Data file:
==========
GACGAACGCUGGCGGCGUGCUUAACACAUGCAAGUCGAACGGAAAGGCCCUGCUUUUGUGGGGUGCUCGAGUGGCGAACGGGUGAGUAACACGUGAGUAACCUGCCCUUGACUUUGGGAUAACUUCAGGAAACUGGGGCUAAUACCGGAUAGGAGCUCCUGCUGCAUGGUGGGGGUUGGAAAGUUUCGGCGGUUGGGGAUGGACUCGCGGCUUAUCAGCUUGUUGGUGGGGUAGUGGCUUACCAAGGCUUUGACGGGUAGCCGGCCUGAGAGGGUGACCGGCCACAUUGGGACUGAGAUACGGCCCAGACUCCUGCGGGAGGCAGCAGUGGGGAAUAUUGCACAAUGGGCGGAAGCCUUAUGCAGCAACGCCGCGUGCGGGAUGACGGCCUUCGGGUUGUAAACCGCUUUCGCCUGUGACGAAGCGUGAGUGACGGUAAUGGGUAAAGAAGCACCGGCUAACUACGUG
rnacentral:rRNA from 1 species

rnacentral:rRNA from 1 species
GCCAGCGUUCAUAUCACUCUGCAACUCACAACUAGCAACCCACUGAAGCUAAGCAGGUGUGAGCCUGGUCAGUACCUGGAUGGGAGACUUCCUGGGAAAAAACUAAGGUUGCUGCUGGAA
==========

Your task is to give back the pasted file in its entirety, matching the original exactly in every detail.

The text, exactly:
GACGAACGCUGGCGGCGUGCUUAACACAUGCAAGUCGAACGGAAAGGCCCUGCUUUUGUGGGGUGCUCGAGUGGCGAACGGGUGAGUAACACGUGAGUAACCUGCCCUUGACUUUGGGAUAACUUCAGGAAACUGGGGCUAAUACCGGAUAGGAGCUCCUGCUGCAUGGUGGGGGUUGGAAAGUUUCGGCGGUUGGGGAUGGACUCGCGGCUUAUCAGCUUGUUGGUGGGGUAGUGGCUUACCAAGGCUUUGACGGGUAGCCGGCCUGAGAGGGUGACCGGCCACAUUGGGACUGAGAUACGGCCCAGACUCCUGCGGGAGGCAGCAGUGGGGAAUAUUGCACAAUGGGCGGAAGCCUUAUGCAGCAACGCCGCGUGCGGGAUGACGGCCUUCGGGUUGUAAACCGCUUUCGCCUGUGACGAAGCGUGAGUGACGGUAAUGGGUAAAGAAGCACCGGCUAACUACGUG
rnacentral:rRNA from 1 species

rnacentral:rRNA from 1 species
GCCAGCGUUCAUAUCACUCUGCAACUCACAACUAGCAACCCACUGAAGCUAAGCAGGUGUGAGCCUGGUCAGUACCUGGAUGGGAGACUUCCUGGGAAAAAACUAAGGUUGCUGCUGGAA